Writing picture books
I have been meaning to write this post for AGES! Various people have asked me, via Twitter and sometimes when I’m out and about, where to start when writing picture books for children. I even got asked about it by a passenger on a train recently ~ always a pleasant surprise and lovely when people take such an interest. I’ll start by saying, I am no expert on this… who is? … and there’s no right and wrong way. But there are certain things you can do to increase your chances of success with an agent or publisher, and to produce something which can stand proudly alongside all the other thousands of picture books that are out there at any one time. So, here are a few pointers that will hopefully help you on your way…
Research ~ I started writing picture books when my son was a baby, and spent a year researching it before I putting pen to paper. I read a wonderful book: ‘Writing and Illustrating Children’s Books for Publication’, by Berthe Amoss and Eric Suben. There are lots of books on writing for children, and I would recommend reading at least one before you begin. I also read a lot… and I mean A LOT… of picture books. I even broke them down into elements. Which brings me to…
Asking questions ~ when you read a picture book, ask yourself questions: Why do I like this? What makes it work? Is there much dialogue? How many characters are there? What makes the characters attractive? How will children relate to this? What will make grown ups want to buy it? Does it have a message, and, if so, is it explicit or implicit? Is it funny? Is it original or quirky? Is the language descriptive? Is there a lot of action? Does it have a strong sense of rhyme and rhythm? Are there multiple scene changes? How does the plot move forwards? Is there a crisis and is this resolved at the end? By asking these sorts of questions, you’ll discover what makes a good picture book work and be able to harness this in your own writing.
Your market ~ be sure who you are writing for. Picture books tend to be aimed at 0-2yrs, 2-4yrs, 2-6yrs, 3-6yrs. Clearly, the themes will be different according to the age you are writing for, as will the language you use and the ages of the characters if you have children in your story. Also, if you are writing for the younger end of the picture book market, you may envisage your book as a board or novelty book. For a board or novelty book, your word count may be less than 100. For the 2-6yrs bracket, you will be looking at somewhere between 500-1,000 words. Don’t forget though that adults are buying these books so they need to appeal to them too.
Originality ~ write with originality. Your own voice needs to shine through your writing, and if you are writing in the first person, your character’s voice needs to shine through. It’s fine to tackle familiar subjects… childhood fears, bedtime, sibling rivalry etc, but do so in an original way. Your writing and story has to stand out from the crowd.
Quality of writing ~ this is a kind of obvious one, but all the same, make sure your spellings, punctuation and grammare are correct. Don’t just rely on spellcheck either. Get someone else you can rely on to read your work through. Read it yourself, again and again. Print it out and read it. Also, read it out loud. It’s especially important for children’s picture books to have a sense of rhythm and for your story to sound fluid when read aloud – after all, the younger end of the age group they are aimed at (normally between 2 and 6 years) are going to have them read out to them, so they need to sound good.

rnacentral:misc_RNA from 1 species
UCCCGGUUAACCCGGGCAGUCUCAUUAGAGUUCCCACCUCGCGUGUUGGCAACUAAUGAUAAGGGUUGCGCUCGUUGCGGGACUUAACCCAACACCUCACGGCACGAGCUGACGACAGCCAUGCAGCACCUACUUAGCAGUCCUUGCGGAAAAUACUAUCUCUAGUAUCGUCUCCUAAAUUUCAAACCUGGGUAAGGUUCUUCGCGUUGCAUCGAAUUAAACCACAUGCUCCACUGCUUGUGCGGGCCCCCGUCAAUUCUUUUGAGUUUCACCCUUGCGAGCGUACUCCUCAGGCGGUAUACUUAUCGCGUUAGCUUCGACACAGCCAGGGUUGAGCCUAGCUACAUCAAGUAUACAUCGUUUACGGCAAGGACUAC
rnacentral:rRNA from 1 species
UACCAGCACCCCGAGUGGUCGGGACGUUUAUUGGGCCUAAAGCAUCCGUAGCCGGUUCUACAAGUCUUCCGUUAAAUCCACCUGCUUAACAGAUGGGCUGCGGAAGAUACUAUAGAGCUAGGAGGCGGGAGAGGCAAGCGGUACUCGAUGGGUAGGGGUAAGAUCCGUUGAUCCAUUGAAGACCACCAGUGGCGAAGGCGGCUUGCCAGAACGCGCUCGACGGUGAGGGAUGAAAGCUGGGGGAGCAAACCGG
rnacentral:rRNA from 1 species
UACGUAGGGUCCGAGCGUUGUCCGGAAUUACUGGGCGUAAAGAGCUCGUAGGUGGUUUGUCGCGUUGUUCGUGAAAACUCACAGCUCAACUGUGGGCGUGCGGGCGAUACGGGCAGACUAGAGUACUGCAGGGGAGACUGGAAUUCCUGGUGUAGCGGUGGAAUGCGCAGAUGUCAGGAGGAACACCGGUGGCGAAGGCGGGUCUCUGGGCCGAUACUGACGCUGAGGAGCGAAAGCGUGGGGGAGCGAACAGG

Layout ~ layout for picture books is really important and there are a few reasons for this. Picture books tend to be between 24 and 32 pages, so it really helps to write in chunks, breaking the writing into 12 sections for a 24 page book, or 16 sections for a 32 page book. This isn’t an exact science as picture books tend to have some single page illustrations and some double page spreads, but it shows a publisher that you have given it some thought.Also, and this is REALLY important, it helps you when writing, by ensuring that you can visualise each page. Given that this is a picture book and each page will need illustrating, I can’t over-emphasise the importance of this. If you can’t visualise the chunks – or verses, as I like to refer to them – of the story you have written, then neither will a publisher!
Which publisher? ~ before you send anything off to anybody, get yourself a copy of ‘The Children’s Writers’ and Artists’ Yearbook’ which comes out annually – the 2013 copy came out last week – I have mine (hee hee!) It is the writers’ bible. Completely indespensible! Not only does it provide a list of publishers and their website addresses and submission details (in some but not all cases) it also gives listings of agents. There are also loads of features written by children’s writers with really useful tips. Contributors this year include: Malorie Blackman, Lauren St John, Anne Fine, Lauren Child, Barry Cunningham… shall I go on? It’s a good ‘un and worth every penny of your £12 something. In addition to this, check out the publishers’ websites, see who else they publishe, what sort of things they like, whether they’re accepting submissions etc. Websites also have complete and up to date submission details, which you really must stick to, otherwise your work may never make it past the bin!
I’ve put together a three page information leaflet giving more details on the above, and some additional info. If you’d like a copy of this, please contact me via my website contact page here giving me your email address, and I’ll send you a copy.
In the meantime, happy writing and GOOD LUCK!
For details of my most recent books, follow the link to Amazon here.